Josh Kurtz: The Sunny Side of MACo – and the Stormy Side

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By: Josh Kurtz 

The Maryland Association of Counties annual summer convention in Ocean City is the most irresistible of Maryland political rituals.

It’s like a big, rollicking high school reunion that rages for half a week or more – after all, many of the participants haven’t seen each other since the end of the General Assembly session four months earlier. Only now they’re healthier, less frazzled and far more casual, their spirits lifted by the sand and surf and sun and expense-account living – and the opportunity to lap up unlimited amounts of booze, provided by special interests and their lobbyists, doesn’t hurt, either.

For political Maryland, Ocean City is clearly like Vegas: What happens east of Assawoman Bay stays east of Assawoman Bay.

As sure as day follows night, Martin O’Malley will pop up somewhere with his band, and some high-ranking government official will be falling down drunk, and someone else will wish he could enlist the services of Tom Hagen in that scene from “Godfather 2” when Hagen assures the panicked U.S. senator that he can make the dead young woman go away.

There’s politics in the sea air, but even in an election year, with both candidates for governor present, it’s practiced pretty casually (like so many things in Maryland that are different this year, this may have something to do with the early primary). Heck, Peter Franchot, a politician who is never at a loss for a gimmick (because ya gotta have one, as the strippers sing in “Gypsy”), is working to extend that summer feeling (“Let summer be summer,” is his current mantra).

The good vibrations trumped any potential awkwardness at the news conference Friday when the leaders of the state’s three biggest jurisdictions – Montgomery County Executive Ike Leggett, Prince George’s County Executive Rushern Baker and Baltimore County Executive Kevin Kamenetz – finally got around to endorsing Anthony Brown for governor after refusing to do so in the primary for one reason or another. Brown joshed about it, and gamely called them “field captains in the Brown-Ulman brigade for a greater Maryland.” But you have to wonder whether Brown, though a Democrat, will have an elephant’s memory about this – especially when Baltimore Mayor Stephanie Rawlings-Blake did not hesitate to back him before the primary.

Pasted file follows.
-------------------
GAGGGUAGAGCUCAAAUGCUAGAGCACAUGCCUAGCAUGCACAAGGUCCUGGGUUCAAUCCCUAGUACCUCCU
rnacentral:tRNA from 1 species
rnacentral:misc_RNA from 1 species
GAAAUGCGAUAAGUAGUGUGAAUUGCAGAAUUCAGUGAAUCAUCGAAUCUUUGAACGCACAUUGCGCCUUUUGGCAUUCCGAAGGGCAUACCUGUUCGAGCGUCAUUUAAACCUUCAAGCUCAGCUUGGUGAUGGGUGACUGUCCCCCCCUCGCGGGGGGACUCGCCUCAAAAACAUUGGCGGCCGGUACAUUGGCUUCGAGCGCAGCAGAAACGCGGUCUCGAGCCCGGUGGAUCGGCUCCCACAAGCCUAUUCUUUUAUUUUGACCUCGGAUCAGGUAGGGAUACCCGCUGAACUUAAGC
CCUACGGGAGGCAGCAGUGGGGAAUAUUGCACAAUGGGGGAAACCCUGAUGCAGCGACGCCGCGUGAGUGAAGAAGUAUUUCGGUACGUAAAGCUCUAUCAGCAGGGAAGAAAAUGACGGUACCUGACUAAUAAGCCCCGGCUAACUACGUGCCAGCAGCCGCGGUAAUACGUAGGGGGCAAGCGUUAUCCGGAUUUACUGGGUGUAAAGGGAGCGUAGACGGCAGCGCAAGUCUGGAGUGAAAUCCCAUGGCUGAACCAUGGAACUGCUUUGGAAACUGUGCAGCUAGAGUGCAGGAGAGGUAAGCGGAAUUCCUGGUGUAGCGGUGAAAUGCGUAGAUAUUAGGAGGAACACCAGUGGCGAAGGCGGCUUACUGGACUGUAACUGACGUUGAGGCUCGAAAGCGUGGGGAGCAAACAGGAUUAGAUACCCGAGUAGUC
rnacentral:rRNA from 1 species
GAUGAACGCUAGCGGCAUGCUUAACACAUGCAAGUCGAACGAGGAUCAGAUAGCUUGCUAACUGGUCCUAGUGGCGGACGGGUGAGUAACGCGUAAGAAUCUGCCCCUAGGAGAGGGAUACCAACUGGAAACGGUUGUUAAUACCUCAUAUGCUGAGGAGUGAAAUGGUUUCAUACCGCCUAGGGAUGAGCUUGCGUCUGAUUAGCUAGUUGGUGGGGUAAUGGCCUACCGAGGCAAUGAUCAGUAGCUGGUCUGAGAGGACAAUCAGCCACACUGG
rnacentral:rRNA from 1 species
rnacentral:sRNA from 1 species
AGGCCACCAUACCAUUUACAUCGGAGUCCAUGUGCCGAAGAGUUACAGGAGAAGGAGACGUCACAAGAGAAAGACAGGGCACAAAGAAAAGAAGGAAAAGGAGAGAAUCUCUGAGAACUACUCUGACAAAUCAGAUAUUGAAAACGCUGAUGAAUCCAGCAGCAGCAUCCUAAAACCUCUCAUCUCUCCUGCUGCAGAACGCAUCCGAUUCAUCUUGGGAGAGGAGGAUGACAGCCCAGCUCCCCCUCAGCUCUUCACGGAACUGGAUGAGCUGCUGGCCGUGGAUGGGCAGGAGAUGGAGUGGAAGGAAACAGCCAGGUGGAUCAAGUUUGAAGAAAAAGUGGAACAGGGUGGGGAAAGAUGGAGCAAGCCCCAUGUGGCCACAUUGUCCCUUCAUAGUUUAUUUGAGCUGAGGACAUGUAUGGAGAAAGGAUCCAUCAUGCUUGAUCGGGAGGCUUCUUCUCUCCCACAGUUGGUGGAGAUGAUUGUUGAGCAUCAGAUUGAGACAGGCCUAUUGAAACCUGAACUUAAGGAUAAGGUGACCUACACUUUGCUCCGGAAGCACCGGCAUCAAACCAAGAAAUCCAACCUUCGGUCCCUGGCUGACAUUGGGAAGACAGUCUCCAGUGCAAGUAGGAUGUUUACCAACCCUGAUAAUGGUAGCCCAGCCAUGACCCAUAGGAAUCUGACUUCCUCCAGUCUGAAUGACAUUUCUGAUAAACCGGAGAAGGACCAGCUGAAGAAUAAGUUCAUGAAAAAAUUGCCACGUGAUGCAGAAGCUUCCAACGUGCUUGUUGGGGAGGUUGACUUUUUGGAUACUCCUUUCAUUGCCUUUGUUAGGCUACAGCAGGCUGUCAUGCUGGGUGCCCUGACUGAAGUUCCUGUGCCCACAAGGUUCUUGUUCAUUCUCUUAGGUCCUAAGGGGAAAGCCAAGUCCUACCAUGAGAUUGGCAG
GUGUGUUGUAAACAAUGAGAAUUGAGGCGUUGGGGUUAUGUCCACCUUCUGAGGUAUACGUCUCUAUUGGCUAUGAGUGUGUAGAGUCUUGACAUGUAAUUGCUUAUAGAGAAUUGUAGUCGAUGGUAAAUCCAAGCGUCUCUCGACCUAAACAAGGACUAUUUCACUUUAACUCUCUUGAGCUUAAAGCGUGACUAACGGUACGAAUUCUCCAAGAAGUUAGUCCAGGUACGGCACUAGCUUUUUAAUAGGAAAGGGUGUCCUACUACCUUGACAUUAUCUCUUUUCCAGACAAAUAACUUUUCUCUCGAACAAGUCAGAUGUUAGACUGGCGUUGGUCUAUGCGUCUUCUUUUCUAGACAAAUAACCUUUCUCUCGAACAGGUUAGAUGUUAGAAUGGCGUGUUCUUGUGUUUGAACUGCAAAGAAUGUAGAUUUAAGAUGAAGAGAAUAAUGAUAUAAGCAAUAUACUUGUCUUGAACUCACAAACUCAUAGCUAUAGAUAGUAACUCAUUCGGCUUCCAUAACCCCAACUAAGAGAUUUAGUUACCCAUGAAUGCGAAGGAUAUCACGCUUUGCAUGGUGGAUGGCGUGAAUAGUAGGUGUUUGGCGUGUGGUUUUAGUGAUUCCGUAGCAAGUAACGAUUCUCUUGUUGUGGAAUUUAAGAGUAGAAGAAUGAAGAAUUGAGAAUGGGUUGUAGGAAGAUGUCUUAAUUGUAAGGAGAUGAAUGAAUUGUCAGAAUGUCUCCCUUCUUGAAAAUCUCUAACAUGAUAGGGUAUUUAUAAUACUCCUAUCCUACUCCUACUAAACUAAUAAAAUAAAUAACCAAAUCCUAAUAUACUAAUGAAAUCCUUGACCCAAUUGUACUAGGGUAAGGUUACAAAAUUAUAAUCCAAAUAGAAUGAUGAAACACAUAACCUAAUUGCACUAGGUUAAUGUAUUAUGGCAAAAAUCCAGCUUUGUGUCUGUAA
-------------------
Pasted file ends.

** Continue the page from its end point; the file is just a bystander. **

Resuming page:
“I didn’t want to point that out,” Brown said. But Baker already had, saying Rawlings-Blake “had the foresight to endorse early.”

Brown and Larry Hogan never met face to face last week, but they did take pokes at each other, foretelling a very negative fall campaign. Hogan seems determined to talk about nothing but taxes, spending and regulations, while Brown seems to be reading off a national Democratic playbook that suggests tarring your Republican opponent, early and often, as intolerant on social issues and in bed with the rich. Neither approach suggests a serious discussion about what ails Maryland and how to make things better.

And that’s too bad. Because if you forget the parties and the boardwalk and the crab feast and the delicious summer weather and the political wise guys holding forth at one bar or another, inside the very chilly convention center, where dozens of information sessions and workshops were being held, the forecast was anything but sunny. In fact, whether the discussion was about crime or education or transportation or the environment, the message of the county officials on hand was unmistakable: Send help – we need money!